I wanted to stop at Persephone, a classy bakery that a college friend of mine worked at some years ago. It was almost impossible to choose a pastry, between exotic croissants like raspberry pistachio and thick-cut sweet breads. Everything about the place was so refined, and I wish I could have stayed all day.

Teton Village was also a fun vibe, as really any town at the base of a mountain should be. There were lots of outdoor spaces to work and admire the view. Over lunch hour, we went to tackle some boulder problems right outside of town — a V0, V1/2, and V5. The V5 had a sloping, overhanging roof section that made for a solid challenge. It felt good to finally climb, albeit briefly.

After work, we drove back to Victor but stopped to do a short hike on Teton Pass. The trail cruised through rolling wildflower fields, ending at a small but pretty pond.

Top of the hike

We then spent the evening enjoying the resort while we could, eating paninis and lounging in the hot tub. We really loved the place and the town of Victor itself. It always seems like an exaggeration, saying you could live somewhere that you visit … but I could live in Victor.

Thursday was a transition day to Yellowstone. We re-packed the car, took our last showers, did laundry, charged our electronics. We stopped in Jackson for groceries, ice, and gas. Though sad to go, we were also ready to see some new sights and take on some new endeavors.

Winding our way through the Tetons one last time, we paused at a picnic area for lunch, taking in Jackson Lake. I feel that all lunches should be picnics, if possible. We then pushed on into Yellowstone, giddy to hand over the National Parks Pass again.

The first stop was Old Faithful. When we arrived, the next eruption was expected in another 40 minutes, so we meandered around the nearby geysers until viewing time. I had seen Old Faithful four years ago, and I couldn’t remember it. This experience reminded me why. The geyser only burbled a handful of times, but never really “erupted.” We weren’t very disappointed, since the geyser is impressive to see regardless. But you’d think it would be more spectacular, given how many people are watching.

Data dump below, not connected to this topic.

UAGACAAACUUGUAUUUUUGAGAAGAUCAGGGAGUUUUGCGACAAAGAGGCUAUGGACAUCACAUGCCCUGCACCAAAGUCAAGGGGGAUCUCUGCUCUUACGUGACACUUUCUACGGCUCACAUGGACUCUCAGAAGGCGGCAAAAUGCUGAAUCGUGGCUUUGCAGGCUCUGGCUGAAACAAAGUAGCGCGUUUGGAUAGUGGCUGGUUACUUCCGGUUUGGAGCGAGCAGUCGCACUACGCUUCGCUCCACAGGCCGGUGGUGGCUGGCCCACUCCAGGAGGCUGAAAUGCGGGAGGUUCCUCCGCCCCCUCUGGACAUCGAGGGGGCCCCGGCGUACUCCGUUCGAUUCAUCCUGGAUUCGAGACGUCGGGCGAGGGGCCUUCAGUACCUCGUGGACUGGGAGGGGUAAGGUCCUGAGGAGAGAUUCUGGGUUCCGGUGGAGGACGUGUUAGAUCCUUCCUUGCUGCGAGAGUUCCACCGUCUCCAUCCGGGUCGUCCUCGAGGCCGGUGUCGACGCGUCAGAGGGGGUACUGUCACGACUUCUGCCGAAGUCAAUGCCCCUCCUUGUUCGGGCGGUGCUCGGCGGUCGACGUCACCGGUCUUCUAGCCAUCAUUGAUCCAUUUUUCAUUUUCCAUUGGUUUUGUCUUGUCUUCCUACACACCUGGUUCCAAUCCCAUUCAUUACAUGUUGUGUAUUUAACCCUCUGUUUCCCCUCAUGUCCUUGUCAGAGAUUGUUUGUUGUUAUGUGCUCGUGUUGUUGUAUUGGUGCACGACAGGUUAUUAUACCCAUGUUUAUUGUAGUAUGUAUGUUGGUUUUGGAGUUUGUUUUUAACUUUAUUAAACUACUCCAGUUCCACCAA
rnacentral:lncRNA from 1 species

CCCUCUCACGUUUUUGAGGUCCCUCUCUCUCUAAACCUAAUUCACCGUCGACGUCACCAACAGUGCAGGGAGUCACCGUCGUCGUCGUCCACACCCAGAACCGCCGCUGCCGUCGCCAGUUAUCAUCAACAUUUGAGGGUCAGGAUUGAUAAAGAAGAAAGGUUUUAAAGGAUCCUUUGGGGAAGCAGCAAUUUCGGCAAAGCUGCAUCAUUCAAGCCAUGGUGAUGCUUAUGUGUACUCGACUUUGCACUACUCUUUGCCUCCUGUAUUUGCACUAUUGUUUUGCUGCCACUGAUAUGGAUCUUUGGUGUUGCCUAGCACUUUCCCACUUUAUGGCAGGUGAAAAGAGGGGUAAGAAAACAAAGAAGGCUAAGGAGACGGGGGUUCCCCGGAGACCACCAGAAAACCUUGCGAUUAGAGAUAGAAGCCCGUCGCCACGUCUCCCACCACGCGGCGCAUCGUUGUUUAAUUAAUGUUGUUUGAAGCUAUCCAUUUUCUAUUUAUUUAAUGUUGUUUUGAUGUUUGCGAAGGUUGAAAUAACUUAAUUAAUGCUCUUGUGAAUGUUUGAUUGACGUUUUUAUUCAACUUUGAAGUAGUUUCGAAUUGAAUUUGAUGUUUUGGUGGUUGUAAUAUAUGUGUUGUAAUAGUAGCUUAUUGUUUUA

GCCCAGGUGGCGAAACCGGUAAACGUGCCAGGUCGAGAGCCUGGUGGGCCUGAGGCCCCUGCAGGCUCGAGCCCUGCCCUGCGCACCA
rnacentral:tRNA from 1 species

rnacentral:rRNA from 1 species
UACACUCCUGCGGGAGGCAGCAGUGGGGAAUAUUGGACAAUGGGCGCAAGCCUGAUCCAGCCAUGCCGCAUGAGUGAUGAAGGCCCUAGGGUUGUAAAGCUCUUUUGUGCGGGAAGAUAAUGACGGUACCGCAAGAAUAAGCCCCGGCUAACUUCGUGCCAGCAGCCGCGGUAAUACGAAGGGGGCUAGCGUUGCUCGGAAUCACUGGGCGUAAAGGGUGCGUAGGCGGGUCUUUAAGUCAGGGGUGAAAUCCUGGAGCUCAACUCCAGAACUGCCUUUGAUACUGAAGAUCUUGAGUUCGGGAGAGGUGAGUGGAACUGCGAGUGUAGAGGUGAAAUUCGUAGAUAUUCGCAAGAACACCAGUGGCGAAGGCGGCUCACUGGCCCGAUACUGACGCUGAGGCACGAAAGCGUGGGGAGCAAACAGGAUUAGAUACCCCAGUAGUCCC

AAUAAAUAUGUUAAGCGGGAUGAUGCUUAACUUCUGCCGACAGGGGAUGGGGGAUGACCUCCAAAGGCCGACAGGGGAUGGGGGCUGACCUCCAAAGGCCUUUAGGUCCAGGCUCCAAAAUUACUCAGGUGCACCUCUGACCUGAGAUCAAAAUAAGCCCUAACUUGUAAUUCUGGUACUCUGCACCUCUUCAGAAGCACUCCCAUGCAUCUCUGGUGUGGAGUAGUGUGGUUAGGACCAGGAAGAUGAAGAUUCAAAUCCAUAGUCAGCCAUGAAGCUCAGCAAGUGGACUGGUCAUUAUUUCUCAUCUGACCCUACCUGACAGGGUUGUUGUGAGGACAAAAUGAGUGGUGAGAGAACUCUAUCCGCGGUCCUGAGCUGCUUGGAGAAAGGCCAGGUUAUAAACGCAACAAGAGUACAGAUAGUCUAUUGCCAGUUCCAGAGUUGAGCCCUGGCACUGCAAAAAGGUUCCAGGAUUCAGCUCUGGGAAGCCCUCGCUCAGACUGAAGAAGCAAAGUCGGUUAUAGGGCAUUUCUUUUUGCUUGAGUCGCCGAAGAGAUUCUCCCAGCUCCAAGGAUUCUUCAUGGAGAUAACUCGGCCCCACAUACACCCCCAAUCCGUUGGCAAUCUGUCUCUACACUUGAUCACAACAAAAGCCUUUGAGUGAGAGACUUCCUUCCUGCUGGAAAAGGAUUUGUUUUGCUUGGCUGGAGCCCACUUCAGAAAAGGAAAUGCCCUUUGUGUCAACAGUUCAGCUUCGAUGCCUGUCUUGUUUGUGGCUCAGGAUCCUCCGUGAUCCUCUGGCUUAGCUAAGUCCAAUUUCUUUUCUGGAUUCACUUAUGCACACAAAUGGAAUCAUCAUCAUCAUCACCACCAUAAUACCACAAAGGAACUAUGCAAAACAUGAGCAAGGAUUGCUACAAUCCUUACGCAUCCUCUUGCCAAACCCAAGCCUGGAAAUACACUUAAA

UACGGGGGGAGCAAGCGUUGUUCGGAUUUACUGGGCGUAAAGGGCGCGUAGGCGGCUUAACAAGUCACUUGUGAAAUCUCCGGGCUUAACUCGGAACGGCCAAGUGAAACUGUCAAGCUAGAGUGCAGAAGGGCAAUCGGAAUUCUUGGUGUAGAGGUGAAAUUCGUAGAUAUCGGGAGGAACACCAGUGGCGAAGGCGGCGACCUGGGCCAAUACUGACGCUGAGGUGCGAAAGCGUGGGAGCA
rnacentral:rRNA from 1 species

Bby’s first Old Faithful

Up next was the Middle Geyser Basin and Grand Prismatic. The colors of these rocks and pools are just mesmerizing, and although the tourist swarms can be a distraction, you can’t help but smile in childlike wonder at what you’re viewing.

Bridge leading to Grand Prismatic

We then pushed on toward Gardiner, where we’d be camping in the evening. Gibbon Falls caught our eye, so we peeled off briefly for a better look.

Gibbons are considered lesser apes, but if you do your research, you’ll find they’re very impressive

Once in Gardiner, we were starving. Unfortunately the town is so touristy that the restaurants can get away with being mediocre AND overpriced. We were hungry enough that we weren’t picky. We had a decent beer and a subpar pizza while we plotted our adventures in Yellowstone the next day, both having requested off. To top off the evening, we got some incredible graham cracker ice cream and I topped it with free sprinkles (which tickled me thoroughly). Camp was just 10 minutes away, and we passed out at 9:30.

It was a whirlwind week and the weekend is shaping up to be the same!

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Isn't this fun?!

August 7, 2023